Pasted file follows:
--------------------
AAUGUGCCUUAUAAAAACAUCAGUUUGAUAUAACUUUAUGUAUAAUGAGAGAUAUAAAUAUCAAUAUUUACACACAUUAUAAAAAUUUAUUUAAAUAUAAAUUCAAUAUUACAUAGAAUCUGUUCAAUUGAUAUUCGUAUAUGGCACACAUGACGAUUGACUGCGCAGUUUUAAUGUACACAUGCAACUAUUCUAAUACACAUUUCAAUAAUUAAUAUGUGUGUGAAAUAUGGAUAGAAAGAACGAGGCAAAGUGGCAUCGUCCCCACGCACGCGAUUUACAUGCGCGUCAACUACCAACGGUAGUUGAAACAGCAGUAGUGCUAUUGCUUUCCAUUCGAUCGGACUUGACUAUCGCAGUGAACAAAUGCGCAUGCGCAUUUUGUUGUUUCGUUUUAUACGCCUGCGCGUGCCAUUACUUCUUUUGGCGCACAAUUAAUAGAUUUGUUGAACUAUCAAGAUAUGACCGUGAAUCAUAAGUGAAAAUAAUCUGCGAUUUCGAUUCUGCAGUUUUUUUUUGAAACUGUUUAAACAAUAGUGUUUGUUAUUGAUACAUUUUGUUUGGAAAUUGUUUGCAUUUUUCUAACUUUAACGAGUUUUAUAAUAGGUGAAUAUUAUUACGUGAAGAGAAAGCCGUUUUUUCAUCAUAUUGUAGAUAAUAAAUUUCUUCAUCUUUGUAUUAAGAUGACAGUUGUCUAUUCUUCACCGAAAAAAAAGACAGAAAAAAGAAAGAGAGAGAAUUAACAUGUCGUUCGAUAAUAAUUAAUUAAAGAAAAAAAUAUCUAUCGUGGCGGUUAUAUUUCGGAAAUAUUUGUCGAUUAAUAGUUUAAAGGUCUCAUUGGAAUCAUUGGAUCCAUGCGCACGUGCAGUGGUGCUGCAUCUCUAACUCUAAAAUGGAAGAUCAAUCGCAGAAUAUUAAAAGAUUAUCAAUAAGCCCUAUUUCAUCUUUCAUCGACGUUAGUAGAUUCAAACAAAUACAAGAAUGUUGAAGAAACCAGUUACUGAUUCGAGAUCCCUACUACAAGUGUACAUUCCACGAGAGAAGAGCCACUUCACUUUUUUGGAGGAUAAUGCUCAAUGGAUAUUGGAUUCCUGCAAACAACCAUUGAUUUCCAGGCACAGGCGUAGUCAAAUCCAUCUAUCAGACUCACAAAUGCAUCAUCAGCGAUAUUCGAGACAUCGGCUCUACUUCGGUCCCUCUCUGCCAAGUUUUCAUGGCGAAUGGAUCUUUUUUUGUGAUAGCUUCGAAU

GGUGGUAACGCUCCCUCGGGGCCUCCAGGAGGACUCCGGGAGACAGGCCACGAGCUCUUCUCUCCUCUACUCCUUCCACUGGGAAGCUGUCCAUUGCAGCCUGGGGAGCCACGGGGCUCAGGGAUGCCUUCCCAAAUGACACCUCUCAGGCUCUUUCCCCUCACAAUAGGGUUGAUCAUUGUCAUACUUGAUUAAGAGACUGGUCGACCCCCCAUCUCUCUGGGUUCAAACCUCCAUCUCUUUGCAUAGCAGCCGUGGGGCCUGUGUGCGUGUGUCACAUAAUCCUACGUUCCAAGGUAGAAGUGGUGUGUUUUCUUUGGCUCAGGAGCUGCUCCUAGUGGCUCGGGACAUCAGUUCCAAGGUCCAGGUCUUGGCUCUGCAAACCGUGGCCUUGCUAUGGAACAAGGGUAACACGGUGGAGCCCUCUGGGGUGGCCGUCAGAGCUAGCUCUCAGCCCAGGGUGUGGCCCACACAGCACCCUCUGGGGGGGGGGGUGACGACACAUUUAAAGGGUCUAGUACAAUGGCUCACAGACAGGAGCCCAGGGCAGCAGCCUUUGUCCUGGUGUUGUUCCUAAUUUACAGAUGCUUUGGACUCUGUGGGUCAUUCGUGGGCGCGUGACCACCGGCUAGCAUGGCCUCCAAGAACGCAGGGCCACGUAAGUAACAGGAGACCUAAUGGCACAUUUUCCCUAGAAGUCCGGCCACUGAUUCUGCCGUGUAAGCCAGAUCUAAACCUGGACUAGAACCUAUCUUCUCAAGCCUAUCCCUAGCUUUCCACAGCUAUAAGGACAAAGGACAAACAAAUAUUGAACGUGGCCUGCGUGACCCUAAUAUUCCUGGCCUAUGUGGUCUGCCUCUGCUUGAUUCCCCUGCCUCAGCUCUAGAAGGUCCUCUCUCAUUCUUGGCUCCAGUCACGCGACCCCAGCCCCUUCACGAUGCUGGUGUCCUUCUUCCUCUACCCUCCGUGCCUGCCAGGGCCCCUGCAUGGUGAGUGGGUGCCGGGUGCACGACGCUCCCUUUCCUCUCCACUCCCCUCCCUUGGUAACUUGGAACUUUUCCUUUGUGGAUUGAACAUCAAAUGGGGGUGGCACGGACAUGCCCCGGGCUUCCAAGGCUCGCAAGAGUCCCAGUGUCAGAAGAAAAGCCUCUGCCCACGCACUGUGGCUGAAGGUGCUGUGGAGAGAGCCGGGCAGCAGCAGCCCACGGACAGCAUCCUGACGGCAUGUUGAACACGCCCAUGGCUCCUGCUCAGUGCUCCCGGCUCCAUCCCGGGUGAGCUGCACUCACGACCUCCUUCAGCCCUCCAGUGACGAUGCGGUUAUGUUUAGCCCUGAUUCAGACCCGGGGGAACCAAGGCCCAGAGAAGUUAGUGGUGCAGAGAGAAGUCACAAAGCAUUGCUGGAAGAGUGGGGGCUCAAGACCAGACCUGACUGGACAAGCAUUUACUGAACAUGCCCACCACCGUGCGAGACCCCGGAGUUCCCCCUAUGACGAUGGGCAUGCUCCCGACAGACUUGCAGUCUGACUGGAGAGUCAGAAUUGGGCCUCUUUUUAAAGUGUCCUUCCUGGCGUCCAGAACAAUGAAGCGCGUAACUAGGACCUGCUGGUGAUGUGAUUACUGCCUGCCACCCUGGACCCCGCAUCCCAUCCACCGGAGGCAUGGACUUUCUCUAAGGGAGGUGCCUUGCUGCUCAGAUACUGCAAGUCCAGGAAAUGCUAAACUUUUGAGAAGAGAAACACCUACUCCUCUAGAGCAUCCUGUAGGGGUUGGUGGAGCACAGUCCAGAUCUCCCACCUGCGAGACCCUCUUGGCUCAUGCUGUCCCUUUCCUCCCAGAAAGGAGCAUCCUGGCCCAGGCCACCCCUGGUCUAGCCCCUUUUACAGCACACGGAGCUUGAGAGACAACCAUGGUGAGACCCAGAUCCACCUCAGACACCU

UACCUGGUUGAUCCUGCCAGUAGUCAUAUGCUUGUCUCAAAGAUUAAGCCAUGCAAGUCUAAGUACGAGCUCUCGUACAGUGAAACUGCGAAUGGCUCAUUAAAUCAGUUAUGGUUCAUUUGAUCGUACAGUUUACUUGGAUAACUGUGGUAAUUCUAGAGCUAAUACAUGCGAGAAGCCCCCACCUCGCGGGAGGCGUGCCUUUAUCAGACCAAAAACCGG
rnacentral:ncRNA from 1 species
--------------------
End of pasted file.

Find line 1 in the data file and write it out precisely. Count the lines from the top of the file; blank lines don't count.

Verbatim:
AAUGUGCCUUAUAAAAACAUCAGUUUGAUAUAACUUUAUGUAUAAUGAGAGAUAUAAAUAUCAAUAUUUACACACAUUAUAAAAAUUUAUUUAAAUAUAAAUUCAAUAUUACAUAGAAUCUGUUCAAUUGAUAUUCGUAUAUGGCACACAUGACGAUUGACUGCGCAGUUUUAAUGUACACAUGCAACUAUUCUAAUACACAUUUCAAUAAUUAAUAUGUGUGUGAAAUAUGGAUAGAAAGAACGAGGCAAAGUGGCAUCGUCCCCACGCACGCGAUUUACAUGCGCGUCAACUACCAACGGUAGUUGAAACAGCAGUAGUGCUAUUGCUUUCCAUUCGAUCGGACUUGACUAUCGCAGUGAACAAAUGCGCAUGCGCAUUUUGUUGUUUCGUUUUAUACGCCUGCGCGUGCCAUUACUUCUUUUGGCGCACAAUUAAUAGAUUUGUUGAACUAUCAAGAUAUGACCGUGAAUCAUAAGUGAAAAUAAUCUGCGAUUUCGAUUCUGCAGUUUUUUUUUGAAACUGUUUAAACAAUAGUGUUUGUUAUUGAUACAUUUUGUUUGGAAAUUGUUUGCAUUUUUCUAACUUUAACGAGUUUUAUAAUAGGUGAAUAUUAUUACGUGAAGAGAAAGCCGUUUUUUCAUCAUAUUGUAGAUAAUAAAUUUCUUCAUCUUUGUAUUAAGAUGACAGUUGUCUAUUCUUCACCGAAAAAAAAGACAGAAAAAAGAAAGAGAGAGAAUUAACAUGUCGUUCGAUAAUAAUUAAUUAAAGAAAAAAAUAUCUAUCGUGGCGGUUAUAUUUCGGAAAUAUUUGUCGAUUAAUAGUUUAAAGGUCUCAUUGGAAUCAUUGGAUCCAUGCGCACGUGCAGUGGUGCUGCAUCUCUAACUCUAAAAUGGAAGAUCAAUCGCAGAAUAUUAAAAGAUUAUCAAUAAGCCCUAUUUCAUCUUUCAUCGACGUUAGUAGAUUCAAACAAAUACAAGAAUGUUGAAGAAACCAGUUACUGAUUCGAGAUCCCUACUACAAGUGUACAUUCCACGAGAGAAGAGCCACUUCACUUUUUUGGAGGAUAAUGCUCAAUGGAUAUUGGAUUCCUGCAAACAACCAUUGAUUUCCAGGCACAGGCGUAGUCAAAUCCAUCUAUCAGACUCACAAAUGCAUCAUCAGCGAUAUUCGAGACAUCGGCUCUACUUCGGUCCCUCUCUGCCAAGUUUUCAUGGCGAAUGGAUCUUUUUUUGUGAUAGCUUCGAAU